As a technical presenter, it is expected to have a Q&A period during your presentation. However, having no one raise their hand to ask a question is one of the most uncomfortable feelings I’ve ever experienced in my years of presenting. I tried all kinds of methods to handle this. I would many times laugh it off with a …

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Energize a Cold Audience

By Tom Nixon

Many times a speaker, through no fault of their own, steps to the front of the room and faces a cold audience. It could be the time of day, the meal before or after the session, the previous speaker, an organization-wide situation, or even the temperature, setup, and/or lighting of the room. It could be anything. The energy and the expectations are bottomed out. You may well have to struggle to get the power level up.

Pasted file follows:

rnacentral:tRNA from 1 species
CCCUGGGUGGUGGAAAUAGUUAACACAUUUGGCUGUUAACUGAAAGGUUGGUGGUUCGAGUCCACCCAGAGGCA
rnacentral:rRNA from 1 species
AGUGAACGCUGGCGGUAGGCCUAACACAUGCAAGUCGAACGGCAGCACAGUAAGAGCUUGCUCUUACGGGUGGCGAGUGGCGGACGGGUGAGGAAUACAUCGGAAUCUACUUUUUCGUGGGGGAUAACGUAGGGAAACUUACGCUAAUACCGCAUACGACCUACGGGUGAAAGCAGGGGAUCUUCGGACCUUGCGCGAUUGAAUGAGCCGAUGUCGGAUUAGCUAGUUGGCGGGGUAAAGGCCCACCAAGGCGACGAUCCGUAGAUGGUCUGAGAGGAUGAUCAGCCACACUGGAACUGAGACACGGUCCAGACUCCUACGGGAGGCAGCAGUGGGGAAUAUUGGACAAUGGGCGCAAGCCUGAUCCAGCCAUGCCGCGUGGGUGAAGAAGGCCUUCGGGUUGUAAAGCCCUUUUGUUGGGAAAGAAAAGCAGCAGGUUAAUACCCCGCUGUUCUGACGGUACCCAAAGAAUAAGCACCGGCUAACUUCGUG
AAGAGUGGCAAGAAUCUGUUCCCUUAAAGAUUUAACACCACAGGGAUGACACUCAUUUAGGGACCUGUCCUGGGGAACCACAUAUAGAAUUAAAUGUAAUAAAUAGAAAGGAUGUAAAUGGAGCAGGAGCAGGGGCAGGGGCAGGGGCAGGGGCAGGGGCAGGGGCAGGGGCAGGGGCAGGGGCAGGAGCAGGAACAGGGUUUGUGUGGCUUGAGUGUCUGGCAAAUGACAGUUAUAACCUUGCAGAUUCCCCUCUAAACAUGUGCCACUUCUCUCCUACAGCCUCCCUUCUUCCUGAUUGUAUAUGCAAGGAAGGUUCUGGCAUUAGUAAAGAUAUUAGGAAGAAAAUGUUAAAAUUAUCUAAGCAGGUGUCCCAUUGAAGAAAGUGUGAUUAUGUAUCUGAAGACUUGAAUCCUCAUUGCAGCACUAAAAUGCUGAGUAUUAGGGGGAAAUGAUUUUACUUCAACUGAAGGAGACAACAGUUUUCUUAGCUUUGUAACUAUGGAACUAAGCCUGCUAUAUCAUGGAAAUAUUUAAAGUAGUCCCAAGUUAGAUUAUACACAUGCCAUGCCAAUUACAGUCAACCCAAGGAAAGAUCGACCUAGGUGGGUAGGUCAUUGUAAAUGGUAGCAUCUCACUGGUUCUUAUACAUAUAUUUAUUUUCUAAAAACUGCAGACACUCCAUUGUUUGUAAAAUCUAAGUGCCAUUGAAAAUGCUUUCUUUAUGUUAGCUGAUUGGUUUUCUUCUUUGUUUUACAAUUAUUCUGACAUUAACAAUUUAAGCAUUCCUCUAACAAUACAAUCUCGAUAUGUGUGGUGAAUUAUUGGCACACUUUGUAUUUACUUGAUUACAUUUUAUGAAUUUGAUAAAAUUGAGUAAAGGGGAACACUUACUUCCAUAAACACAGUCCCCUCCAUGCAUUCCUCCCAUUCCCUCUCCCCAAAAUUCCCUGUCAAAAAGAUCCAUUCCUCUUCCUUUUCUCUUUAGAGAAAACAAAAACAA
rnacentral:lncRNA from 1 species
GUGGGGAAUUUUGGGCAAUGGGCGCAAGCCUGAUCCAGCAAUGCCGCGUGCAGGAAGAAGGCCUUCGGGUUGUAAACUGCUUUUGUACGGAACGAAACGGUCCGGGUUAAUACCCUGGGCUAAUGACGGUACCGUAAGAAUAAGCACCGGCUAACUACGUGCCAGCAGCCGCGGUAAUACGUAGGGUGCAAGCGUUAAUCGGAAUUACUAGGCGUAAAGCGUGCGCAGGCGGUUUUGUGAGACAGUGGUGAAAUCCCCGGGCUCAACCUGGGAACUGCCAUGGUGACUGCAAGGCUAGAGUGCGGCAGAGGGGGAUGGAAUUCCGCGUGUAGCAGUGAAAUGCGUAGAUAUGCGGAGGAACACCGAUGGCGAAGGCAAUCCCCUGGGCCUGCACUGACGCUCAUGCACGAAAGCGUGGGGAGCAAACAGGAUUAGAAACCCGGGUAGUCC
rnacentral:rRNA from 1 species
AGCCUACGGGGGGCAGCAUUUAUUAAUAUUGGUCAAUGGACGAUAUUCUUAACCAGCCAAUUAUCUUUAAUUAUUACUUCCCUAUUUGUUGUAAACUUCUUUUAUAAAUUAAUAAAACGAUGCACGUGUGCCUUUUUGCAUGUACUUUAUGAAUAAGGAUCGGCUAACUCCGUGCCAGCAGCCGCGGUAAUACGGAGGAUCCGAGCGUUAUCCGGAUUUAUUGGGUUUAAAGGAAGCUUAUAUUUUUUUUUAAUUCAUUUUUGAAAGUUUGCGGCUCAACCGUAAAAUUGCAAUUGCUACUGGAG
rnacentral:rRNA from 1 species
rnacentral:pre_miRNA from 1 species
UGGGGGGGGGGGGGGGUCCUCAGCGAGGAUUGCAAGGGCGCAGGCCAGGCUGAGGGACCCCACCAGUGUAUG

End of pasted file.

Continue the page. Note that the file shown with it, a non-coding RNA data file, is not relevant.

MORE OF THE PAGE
A presenter can use a number of techniques to open their time and energize …

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Avoiding the Pitfalls of Group Exercises for Speakers

By Claudia W. Brogan

Recently a budding speaker asked me to attend a speech she was delivering and provide feedback for her, with suggestions for improvement. Maggie opened her speech with an intriguing quotation, captured the attention of the audience and proceeded to deliver three excellent learning tips.

Midway through the presentation, though, I watched as Maggie asked—without much instruction or introduction—that her audience members move into groups of four to complete a worksheet of questions. What I saw happen in the room was a bit of a chill: audience members shifted from …

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Begin With a Bang

By Bob Goodyear

Coming up with a good presentation opening is difficult. Because of that, many times the presenter will just default to an opening that sounds something like this.

“Hello. My name is Joe Presenter. Thank you for inviting me here. I appreciate the time you are giving to me to speak. I hope what I have to say will be interesting to you. Today I’m going to tell you about the 93 great features of my product.”